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Published Date: July 31, 1995

Published Date: July 31, 1995

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Go Ahead! Prove That You Can!

Has anyone ever told you that you can’t do something? And then you just can’t wait to prove you can?

I had that experience two years ago when the drain valve on my hot water heater was leaking. My father in Montana told me that I couldn’t repair it and that I’d be without hot water for a week if I didn’t hire a plumber. You’re right. I couldn’t wait to prove to him that I could do it.

I had an experience that was even more invigorating in a local Protestant church whose policy prohibits women from teaching males of junior high age or older except under male supervision. Furthermore, all teachers are subject to the board of elders, which is strictly composed of married men.

Let me tell you (1) why such beliefs are important to us as women, (2) where research is on our side, and (3) what actions we can take.

First, why are these beliefs important to us?

With Bibles found in 92 percent of homes in America, even if this book is not a part of your belief system, it is an ingrained part of our culture. Furthermore, our country’s largest Christian church denomination still bars women from priesthood. Do you think these beliefs are left behind in church on Sundays? Did you know that members of this most prominent denomination make up more than 27 percent of today’s 104th Congress? I conclude that you and I are impacted by beliefs of such people, whom I refer to hereafter as traditionalists.

Secondly, where is research on our side? While there are volumes of documented research, I will address three issues: women as teachers, women as elders, and headship.

Traditionalists use certain Bible verses to exclude women from teaching in the church. One such verse is I Corinthians 14:35 where Paul states that “it is disgraceful for a woman to speak in the church.”

John Temple Bristow (in What Paul Really Said About Women) unveils how, before Paul’s time, women were not allowed in church or given education. They were accused of near adultery if they talked to any man except their husband. Paul clearly included women in worship services. Of thirty Greek words that can be translated “speak,” here Paul did not use one of the five words which denote preaching but instead used the word laleo which means to converse. Because women were not accustomed to being taught and to listening, he was instructing women not to converse in church. Paul, who personally taught a woman named Priscilla, was revolutionizing the role of women.

Bristow develops his case with statements that Chrysostom, a fourth-century church leader, credits Priscilla for being a teacher of Apollos, a pastor of the church in Corinth after Paul left. This is concrete evidence of a woman teaching a man. (See Acts 18:24-26.)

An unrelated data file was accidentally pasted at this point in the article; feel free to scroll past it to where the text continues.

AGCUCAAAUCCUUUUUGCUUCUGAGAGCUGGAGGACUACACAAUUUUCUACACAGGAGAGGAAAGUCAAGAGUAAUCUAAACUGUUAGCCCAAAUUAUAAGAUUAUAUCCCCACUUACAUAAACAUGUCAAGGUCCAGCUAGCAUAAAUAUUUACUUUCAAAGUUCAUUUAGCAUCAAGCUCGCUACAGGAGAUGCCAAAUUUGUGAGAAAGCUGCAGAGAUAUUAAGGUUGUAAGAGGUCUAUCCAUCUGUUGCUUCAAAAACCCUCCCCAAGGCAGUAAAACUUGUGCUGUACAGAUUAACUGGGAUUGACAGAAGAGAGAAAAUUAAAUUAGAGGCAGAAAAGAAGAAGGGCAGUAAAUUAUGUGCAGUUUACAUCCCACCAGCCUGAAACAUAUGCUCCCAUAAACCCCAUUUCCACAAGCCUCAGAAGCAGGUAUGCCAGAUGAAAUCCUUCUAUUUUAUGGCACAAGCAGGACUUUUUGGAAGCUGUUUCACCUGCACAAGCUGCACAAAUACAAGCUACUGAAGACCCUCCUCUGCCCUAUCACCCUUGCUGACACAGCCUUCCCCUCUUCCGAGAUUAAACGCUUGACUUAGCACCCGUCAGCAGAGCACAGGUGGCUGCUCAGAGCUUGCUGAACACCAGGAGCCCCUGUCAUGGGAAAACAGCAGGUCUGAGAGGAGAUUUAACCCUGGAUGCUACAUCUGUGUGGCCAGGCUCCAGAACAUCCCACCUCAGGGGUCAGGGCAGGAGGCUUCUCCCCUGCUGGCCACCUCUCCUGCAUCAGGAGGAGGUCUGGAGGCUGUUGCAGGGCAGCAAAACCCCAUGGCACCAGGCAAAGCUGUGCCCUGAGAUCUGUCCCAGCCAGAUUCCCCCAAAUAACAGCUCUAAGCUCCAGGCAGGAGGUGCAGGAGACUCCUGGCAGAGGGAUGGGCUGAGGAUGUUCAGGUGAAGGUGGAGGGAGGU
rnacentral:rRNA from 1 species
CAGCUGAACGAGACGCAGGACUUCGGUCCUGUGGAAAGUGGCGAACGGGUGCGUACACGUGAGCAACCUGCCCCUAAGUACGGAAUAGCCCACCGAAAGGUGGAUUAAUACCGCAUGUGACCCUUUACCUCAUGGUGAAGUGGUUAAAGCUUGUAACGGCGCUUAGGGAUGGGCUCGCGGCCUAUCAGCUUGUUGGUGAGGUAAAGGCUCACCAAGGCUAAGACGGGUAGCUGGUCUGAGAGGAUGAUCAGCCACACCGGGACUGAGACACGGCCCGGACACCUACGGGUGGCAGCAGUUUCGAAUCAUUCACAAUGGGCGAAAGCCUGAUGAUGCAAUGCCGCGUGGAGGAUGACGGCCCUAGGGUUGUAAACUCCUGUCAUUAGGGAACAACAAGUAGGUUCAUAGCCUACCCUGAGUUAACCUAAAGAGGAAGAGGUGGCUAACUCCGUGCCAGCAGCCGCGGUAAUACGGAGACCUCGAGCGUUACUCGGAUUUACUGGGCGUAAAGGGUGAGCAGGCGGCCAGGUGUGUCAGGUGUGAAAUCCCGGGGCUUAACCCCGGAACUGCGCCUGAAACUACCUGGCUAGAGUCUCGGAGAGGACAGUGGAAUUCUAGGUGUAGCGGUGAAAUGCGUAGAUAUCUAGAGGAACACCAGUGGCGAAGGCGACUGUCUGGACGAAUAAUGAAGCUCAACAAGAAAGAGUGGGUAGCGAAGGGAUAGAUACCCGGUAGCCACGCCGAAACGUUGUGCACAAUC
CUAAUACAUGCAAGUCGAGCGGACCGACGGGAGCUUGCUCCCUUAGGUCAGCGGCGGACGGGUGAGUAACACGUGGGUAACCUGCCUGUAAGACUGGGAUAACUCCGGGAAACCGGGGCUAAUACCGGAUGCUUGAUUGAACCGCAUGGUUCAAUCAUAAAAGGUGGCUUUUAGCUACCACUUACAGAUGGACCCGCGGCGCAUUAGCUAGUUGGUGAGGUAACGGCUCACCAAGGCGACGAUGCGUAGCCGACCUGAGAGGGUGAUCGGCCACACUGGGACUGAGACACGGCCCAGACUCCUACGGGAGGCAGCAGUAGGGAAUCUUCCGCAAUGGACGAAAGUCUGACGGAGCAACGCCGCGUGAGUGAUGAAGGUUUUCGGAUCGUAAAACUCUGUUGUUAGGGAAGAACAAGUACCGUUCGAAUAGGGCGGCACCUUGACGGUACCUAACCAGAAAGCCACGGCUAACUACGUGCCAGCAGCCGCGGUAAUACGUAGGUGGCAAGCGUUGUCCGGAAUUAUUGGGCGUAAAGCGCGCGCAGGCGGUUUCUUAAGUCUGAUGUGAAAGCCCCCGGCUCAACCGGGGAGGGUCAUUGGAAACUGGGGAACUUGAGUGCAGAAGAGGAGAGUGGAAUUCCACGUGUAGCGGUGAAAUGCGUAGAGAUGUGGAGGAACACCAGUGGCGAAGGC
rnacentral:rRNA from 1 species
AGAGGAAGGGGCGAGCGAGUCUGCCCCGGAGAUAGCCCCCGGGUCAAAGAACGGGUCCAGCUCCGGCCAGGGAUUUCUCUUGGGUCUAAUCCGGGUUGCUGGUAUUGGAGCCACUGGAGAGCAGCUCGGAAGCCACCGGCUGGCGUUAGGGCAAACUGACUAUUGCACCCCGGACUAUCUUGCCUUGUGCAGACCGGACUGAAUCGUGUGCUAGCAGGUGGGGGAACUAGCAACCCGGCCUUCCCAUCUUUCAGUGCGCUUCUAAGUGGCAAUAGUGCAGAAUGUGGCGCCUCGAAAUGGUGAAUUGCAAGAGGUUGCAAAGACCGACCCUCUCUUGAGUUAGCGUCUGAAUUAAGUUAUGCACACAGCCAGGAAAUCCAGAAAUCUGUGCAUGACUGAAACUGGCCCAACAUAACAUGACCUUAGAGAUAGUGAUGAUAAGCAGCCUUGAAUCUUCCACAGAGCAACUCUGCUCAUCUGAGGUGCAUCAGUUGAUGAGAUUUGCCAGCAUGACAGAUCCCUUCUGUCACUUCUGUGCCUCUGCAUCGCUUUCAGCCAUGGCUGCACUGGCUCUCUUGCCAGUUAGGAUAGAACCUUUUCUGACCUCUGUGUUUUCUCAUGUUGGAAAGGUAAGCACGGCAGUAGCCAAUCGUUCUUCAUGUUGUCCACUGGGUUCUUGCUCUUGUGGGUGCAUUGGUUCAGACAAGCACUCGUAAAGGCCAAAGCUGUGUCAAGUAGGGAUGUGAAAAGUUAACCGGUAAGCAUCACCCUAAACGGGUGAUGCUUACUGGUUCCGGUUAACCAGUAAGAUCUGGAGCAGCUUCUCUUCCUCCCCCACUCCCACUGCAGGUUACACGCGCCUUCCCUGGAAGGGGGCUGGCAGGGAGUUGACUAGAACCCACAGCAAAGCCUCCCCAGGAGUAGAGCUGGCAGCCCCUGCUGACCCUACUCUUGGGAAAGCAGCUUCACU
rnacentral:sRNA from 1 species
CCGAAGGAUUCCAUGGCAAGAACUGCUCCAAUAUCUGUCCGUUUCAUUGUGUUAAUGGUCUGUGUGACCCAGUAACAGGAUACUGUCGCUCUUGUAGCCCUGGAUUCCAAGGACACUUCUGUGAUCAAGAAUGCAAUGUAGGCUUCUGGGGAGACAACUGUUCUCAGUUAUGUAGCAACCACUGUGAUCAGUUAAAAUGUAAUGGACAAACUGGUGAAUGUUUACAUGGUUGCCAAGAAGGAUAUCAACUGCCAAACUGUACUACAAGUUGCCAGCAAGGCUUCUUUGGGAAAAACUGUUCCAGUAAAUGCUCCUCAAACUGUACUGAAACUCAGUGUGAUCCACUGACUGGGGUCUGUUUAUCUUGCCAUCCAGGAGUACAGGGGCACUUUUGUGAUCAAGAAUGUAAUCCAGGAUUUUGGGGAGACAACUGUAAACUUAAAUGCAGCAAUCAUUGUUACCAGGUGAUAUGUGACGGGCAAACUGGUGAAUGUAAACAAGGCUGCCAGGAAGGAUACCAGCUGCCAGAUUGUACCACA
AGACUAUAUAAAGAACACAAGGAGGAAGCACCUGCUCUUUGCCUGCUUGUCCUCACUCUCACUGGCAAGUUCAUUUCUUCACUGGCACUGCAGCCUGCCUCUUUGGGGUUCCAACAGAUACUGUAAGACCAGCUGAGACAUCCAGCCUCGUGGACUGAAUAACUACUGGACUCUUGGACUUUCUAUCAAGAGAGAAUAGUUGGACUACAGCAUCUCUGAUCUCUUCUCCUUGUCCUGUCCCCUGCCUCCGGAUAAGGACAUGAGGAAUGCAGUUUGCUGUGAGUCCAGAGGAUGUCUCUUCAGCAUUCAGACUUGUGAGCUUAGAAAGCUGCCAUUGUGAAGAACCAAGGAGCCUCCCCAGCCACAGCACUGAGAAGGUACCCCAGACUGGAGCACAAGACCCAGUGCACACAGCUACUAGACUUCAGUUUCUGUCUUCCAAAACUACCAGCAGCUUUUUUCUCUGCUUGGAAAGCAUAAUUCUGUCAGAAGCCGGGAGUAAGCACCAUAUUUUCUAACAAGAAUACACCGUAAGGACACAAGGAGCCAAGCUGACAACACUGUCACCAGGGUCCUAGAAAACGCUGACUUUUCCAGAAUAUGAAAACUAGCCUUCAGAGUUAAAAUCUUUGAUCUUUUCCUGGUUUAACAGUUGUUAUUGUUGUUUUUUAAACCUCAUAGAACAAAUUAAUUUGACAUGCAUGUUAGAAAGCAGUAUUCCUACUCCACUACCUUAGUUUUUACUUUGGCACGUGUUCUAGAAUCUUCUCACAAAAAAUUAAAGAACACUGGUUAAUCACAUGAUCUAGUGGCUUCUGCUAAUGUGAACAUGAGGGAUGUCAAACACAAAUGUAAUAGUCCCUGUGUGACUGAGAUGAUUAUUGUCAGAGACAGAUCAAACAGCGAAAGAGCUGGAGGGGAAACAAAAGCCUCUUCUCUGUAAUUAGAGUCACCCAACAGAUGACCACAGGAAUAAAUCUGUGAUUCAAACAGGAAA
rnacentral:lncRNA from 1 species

Traditionalists also use biblical verses to exclude women from being church elders and deacons, citing I Timothy where Paul insists that elders and deacons be the husband of one wife. However, Bristow supports the role of women as deacons by quoting Romans 16:1 where Phoebe is a deacon of the church of Cenchrea.

Dr. Gilbert Bilezikian, author of Beyond Sex Roles; suggests that statements in I Timothy were written for specific circumstances and may not be universally applicable. In fact, he notes that, to apply marital status as restriction for church office would disqualify Christ and Paul, who were unmarried, from church leadership!

Traditionalists also support female submission by quoting Ephesians 5:23, “For the husband is the head of the wife as Christ is the head of the church.” Here Bristow argues that the original Greek word for “head” does not refer to a position of authority. Where Paul could have used the Greek word arche to express authority, he chose the word kephale, which was used militarily to refer to the first soldier into battle. Kephale did not denote “general” or “captain” and was never used to mean “leader,” “boss,” or “ruler.”

Third, what actions can we take to challenge these beliefs? We can become aware, get involved, and most of all, PROVE that “we can do it.”

We can become aware by reading and doing our own research.

We can become involved in strengthening the role of women in the world through activism in groups such as Business and Professional Women’s Clubs. We can join Christians for Biblical Equality in denouncing sexism and racism.

Most importantly, we can PROVE ourselves. For example, Bilezikian watched in awe as his wife oversaw their household during his year overseas. Also, at a religious educational institution, he replaced an incompetent male department head with the female assistant who made things happen. It was these women PROVING themselves that inspired Bilezikian’s research.

By the way, that Saturday after I spoke to my father on the phone about the hot water heater, I went to work. I got some necessary parts and information at the hardware store, got out my tools, changed out the leaky drain valve, and took a hot shower that evening— all without calling a plumber.

The next time someone tells you that you can’t do something, go ahead. Prove that you can!